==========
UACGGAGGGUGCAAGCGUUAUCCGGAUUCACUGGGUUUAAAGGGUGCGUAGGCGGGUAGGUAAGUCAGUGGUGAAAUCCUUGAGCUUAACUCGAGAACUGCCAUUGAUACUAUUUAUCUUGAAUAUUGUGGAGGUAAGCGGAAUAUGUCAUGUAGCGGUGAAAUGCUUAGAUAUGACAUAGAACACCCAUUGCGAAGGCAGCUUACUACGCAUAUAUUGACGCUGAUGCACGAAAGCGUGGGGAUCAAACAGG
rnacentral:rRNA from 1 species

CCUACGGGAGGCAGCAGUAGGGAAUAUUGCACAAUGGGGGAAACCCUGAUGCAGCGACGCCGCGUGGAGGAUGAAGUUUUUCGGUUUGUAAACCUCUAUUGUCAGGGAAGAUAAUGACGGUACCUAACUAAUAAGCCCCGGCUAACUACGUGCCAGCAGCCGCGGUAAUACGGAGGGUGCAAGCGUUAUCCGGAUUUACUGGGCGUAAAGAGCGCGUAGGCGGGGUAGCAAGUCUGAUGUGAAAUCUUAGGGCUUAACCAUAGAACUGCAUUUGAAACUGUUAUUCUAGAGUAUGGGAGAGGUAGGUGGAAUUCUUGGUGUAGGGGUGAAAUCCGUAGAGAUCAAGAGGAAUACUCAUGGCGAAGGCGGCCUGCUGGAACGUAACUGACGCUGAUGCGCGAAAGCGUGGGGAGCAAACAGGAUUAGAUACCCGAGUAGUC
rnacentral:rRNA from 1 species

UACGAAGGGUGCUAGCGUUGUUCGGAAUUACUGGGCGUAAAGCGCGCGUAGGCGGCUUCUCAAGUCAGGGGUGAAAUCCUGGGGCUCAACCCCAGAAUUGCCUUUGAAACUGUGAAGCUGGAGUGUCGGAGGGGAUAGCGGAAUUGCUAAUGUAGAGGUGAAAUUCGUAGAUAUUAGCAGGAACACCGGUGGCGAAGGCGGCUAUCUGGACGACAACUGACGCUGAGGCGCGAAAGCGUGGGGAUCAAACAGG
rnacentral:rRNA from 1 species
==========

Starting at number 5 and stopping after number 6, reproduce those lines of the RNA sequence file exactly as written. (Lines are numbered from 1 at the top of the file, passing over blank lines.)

UACGAAGGGUGCUAGCGUUGUUCGGAAUUACUGGGCGUAAAGCGCGCGUAGGCGGCUUCUCAAGUCAGGGGUGAAAUCCUGGGGCUCAACCCCAGAAUUGCCUUUGAAACUGUGAAGCUGGAGUGUCGGAGGGGAUAGCGGAAUUGCUAAUGUAGAGGUGAAAUUCGUAGAUAUUAGCAGGAACACCGGUGGCGAAGGCGGCUAUCUGGACGACAACUGACGCUGAGGCGCGAAAGCGUGGGGAUCAAACAGG
rnacentral:rRNA from 1 species